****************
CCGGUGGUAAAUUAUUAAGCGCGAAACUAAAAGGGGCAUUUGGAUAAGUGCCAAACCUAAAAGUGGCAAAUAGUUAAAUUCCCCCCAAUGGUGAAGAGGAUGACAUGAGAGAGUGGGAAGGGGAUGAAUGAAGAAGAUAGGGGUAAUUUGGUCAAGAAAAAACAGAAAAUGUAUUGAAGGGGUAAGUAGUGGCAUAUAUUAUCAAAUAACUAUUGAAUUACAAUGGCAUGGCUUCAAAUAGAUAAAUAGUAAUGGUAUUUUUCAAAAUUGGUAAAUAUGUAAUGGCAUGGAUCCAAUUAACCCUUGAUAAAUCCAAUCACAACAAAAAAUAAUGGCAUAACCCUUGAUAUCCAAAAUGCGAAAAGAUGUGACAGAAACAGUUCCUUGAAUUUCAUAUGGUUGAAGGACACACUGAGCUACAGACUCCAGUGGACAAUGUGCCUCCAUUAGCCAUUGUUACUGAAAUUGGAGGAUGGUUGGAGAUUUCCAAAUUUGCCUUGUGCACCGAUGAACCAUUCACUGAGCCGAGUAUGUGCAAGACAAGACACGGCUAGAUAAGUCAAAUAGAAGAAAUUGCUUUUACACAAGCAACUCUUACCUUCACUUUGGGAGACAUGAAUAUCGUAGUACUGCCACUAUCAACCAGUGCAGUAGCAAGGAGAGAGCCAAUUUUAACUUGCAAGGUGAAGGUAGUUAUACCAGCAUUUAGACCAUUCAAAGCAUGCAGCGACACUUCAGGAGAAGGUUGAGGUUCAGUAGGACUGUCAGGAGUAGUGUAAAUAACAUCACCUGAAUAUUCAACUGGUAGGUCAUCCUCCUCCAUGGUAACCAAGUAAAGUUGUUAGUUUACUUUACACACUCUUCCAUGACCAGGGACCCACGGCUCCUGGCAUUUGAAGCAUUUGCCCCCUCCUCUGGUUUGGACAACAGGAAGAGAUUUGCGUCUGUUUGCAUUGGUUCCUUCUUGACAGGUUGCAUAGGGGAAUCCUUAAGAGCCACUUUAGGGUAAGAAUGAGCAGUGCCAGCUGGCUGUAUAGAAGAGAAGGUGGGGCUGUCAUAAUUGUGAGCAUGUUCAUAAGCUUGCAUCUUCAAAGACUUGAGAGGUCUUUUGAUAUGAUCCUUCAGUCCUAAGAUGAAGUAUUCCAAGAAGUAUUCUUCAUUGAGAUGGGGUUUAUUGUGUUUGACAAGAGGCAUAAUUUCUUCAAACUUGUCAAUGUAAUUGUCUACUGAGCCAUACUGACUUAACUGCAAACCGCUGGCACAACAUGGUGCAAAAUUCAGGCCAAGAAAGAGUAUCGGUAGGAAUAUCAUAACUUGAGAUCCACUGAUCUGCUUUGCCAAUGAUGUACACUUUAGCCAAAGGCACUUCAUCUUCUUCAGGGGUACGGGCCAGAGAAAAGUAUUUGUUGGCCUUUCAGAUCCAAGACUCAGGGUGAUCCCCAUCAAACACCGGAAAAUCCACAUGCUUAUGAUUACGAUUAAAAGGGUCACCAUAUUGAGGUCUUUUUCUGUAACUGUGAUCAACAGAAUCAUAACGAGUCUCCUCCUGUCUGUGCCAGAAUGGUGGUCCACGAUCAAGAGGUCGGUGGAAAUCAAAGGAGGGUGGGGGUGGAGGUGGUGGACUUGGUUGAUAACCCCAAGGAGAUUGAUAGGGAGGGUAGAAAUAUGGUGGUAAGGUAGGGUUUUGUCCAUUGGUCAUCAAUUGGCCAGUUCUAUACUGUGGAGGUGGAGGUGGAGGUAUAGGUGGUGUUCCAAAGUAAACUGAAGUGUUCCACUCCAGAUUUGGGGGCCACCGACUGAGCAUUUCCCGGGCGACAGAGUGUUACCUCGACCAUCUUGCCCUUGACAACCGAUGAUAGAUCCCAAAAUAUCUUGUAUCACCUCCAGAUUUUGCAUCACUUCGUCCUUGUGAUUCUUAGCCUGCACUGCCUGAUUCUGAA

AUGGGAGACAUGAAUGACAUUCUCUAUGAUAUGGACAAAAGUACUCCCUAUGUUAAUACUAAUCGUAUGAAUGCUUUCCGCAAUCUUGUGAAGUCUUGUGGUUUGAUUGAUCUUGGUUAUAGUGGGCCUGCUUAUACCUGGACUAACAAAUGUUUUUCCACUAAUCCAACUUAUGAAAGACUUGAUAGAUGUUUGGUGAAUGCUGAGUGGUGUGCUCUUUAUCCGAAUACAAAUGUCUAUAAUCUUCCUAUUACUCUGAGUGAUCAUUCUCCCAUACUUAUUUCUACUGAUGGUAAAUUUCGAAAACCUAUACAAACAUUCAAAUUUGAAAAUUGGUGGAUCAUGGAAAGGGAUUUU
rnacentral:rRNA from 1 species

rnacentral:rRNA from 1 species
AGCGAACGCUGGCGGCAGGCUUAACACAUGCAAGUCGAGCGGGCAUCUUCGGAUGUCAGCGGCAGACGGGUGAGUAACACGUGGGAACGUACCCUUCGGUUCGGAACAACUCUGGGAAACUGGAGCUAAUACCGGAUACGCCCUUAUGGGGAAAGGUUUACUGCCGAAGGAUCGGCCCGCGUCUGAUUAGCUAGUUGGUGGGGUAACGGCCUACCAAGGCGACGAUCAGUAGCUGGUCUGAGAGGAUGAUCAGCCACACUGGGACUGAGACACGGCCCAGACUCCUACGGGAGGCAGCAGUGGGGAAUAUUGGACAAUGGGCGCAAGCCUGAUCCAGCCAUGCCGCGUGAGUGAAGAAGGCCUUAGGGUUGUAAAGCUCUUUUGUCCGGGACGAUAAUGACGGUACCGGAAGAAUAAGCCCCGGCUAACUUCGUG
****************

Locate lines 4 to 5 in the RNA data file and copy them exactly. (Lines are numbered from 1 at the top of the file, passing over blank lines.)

rnacentral:rRNA from 1 species
AGCGAACGCUGGCGGCAGGCUUAACACAUGCAAGUCGAGCGGGCAUCUUCGGAUGUCAGCGGCAGACGGGUGAGUAACACGUGGGAACGUACCCUUCGGUUCGGAACAACUCUGGGAAACUGGAGCUAAUACCGGAUACGCCCUUAUGGGGAAAGGUUUACUGCCGAAGGAUCGGCCCGCGUCUGAUUAGCUAGUUGGUGGGGUAACGGCCUACCAAGGCGACGAUCAGUAGCUGGUCUGAGAGGAUGAUCAGCCACACUGGGACUGAGACACGGCCCAGACUCCUACGGGAGGCAGCAGUGGGGAAUAUUGGACAAUGGGCGCAAGCCUGAUCCAGCCAUGCCGCGUGAGUGAAGAAGGCCUUAGGGUUGUAAAGCUCUUUUGUCCGGGACGAUAAUGACGGUACCGGAAGAAUAAGCCCCGGCUAACUUCGUG